Saturday, January 24, 2009

Tools of the Trade: Special Presidential Inauguration Edition!

I've read mixed reactions to the Inauguration Poem, Praise Song for the Day by Elizabeth Alexander. Personally, I liked it. I listened to the proceedings live on the radio (because I was in my car, not because I don't believe in TV or the Internet), and found it thought-provoking and appropriate for the event.

The use of the word "declaimed" in the sixth stanza caught me a bit short, though, as I realized I wasn't entirely sure what that word meant. In the context of the poem, it seemed to mean something along the lines of "proclaimed" ... but why would "de" and "pro" have the same meaning? Then again, "declared" starts with "de" and is a synonym for "proclaimed."

Anyway, long story short: My curiosity about the use of that word in the Inauguration Poem inspired this edition of "Tools of the Trade." (You can find past editions here.) Upon reading the poem, I noted two words I wasn't entirely sure about: "declaimed" and "filial." So I thought I'd explore those two words along with the word "inauguration."

Credit for much of this info goes to the Online Etymology Dictionary.

Inauguration dates back to 1569, from the French, meaning "installation, consecration.” This in turn comes from the Latin, inaugurationem, from inaugurare "take omens from the flight of birds, consecrate or install when such omens are favorable." The root word is augurare, meaning "to act as an augur, predict.”

I don’t think we see much bird migration here in the D.C. area in late January, but maybe the light snowfall we had the day before the inauguration was a good omen ... snow always helps people see the world around them in a new light. (Full disclosure: I voted for John McCain but certainly appreciate the historic moment we had here this week and of course hope that President Obama will lead our nation where we need to go.)

Declaim, the seminal (there's a great word for ya) word for this post, does indeed mean the same as "proclaim." It hails from 1385, from the Latin declamare. Turns out, in etymology, "de" is an "intensifying prefix." ("Pro" as a prefix means "forth.") And the Latin clamare is "to cry, shout."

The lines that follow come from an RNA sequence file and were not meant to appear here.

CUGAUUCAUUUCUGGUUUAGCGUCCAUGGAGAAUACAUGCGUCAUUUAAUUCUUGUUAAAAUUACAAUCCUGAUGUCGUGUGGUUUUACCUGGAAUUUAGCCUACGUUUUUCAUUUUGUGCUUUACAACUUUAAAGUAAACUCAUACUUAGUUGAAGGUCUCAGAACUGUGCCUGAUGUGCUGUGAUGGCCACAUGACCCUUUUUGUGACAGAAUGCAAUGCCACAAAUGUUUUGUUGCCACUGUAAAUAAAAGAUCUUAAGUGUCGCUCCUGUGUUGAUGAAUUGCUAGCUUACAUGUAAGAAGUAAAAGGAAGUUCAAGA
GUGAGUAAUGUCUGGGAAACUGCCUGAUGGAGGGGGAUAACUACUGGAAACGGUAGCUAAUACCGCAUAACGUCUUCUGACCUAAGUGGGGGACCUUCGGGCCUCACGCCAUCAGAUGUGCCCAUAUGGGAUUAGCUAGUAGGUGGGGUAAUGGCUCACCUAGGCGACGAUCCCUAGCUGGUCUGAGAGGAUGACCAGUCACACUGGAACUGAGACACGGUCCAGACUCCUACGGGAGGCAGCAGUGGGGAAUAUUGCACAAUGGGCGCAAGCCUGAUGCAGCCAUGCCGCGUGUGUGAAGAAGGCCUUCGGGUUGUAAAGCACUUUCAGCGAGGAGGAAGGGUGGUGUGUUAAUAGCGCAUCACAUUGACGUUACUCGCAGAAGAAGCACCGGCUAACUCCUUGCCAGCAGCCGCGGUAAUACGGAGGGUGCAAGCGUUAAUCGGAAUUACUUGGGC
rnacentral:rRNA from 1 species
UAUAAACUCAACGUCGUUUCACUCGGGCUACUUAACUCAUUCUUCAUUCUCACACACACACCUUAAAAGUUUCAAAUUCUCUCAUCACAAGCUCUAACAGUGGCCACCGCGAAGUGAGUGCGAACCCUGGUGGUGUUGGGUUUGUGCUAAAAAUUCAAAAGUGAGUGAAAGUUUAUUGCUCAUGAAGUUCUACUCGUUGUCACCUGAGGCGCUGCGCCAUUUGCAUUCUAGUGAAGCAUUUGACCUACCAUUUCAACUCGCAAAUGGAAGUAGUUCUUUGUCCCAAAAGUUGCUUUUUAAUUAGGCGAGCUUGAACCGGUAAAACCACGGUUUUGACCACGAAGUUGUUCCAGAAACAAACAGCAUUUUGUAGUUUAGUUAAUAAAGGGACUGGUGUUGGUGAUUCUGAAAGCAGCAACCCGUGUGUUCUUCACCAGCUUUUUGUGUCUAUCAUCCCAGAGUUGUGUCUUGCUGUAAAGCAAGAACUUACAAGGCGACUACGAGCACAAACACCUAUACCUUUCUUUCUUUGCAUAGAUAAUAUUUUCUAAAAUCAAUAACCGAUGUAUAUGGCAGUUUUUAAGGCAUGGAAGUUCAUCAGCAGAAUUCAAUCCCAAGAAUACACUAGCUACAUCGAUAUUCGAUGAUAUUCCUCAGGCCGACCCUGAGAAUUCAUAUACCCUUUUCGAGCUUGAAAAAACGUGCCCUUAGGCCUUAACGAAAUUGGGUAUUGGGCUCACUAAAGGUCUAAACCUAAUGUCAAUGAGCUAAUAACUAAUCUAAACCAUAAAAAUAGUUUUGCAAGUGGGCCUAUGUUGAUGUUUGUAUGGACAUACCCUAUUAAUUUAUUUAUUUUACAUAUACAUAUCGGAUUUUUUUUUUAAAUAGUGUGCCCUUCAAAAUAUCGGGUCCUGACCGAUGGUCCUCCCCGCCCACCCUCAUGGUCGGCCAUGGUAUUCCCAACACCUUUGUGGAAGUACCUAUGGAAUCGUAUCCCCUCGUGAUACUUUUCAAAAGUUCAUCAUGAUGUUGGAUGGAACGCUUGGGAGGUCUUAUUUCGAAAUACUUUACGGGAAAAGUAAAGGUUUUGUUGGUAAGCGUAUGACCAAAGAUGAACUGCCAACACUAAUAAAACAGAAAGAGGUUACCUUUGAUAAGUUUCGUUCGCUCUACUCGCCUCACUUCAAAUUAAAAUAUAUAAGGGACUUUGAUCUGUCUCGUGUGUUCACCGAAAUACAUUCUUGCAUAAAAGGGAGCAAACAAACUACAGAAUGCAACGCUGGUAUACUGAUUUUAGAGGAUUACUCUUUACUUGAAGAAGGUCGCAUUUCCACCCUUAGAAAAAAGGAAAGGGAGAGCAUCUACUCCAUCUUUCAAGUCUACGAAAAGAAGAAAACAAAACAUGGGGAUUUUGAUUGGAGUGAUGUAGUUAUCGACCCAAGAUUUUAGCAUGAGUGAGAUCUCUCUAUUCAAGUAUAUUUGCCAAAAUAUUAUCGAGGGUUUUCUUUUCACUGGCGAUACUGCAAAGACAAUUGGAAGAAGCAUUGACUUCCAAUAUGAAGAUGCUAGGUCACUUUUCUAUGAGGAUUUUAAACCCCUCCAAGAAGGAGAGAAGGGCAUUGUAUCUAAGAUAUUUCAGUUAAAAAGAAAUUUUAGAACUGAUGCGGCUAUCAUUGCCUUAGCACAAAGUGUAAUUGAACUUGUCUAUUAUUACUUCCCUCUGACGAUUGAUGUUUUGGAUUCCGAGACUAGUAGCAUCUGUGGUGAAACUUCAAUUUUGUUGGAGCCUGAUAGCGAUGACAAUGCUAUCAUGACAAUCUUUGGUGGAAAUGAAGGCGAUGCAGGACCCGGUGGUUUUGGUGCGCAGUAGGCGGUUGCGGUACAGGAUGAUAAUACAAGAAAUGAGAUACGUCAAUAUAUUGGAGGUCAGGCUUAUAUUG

And finally, filial means "of, relating to, or befitting a son or daughter." It first appeared in Medieval French, 1393, and has roots in the Latin filialis, from filius, "son," and filia "daughter."


rilla said...

Hey Linda,
I love learning about word origins. This is fascinating! I had no idea that inaugurals had anything to do with bird flight patterns! But I have to admit, I was less than inspired by the inaugural poem.

Paul Michael Murphy said...

I agree wit rilla on the poem. At first I thought it may have been her reading of it, but upon reading the text, still not overwhelmed.

LindaBudz said...

Gosh, I'm outnumbered on my own blog!

I guess the themes of how we get caught up in the little things and also how much commonality we have in those little things (which is what I resonated with most in the poem) just really spoke to me on that day.

I will admit the delivery left something to be desired, but I'm guessing poets in general aren't big on public speaking. They should have had someone like James Earl Jones repeat each line after her ... like in those Geico commercials. That would've been awesome!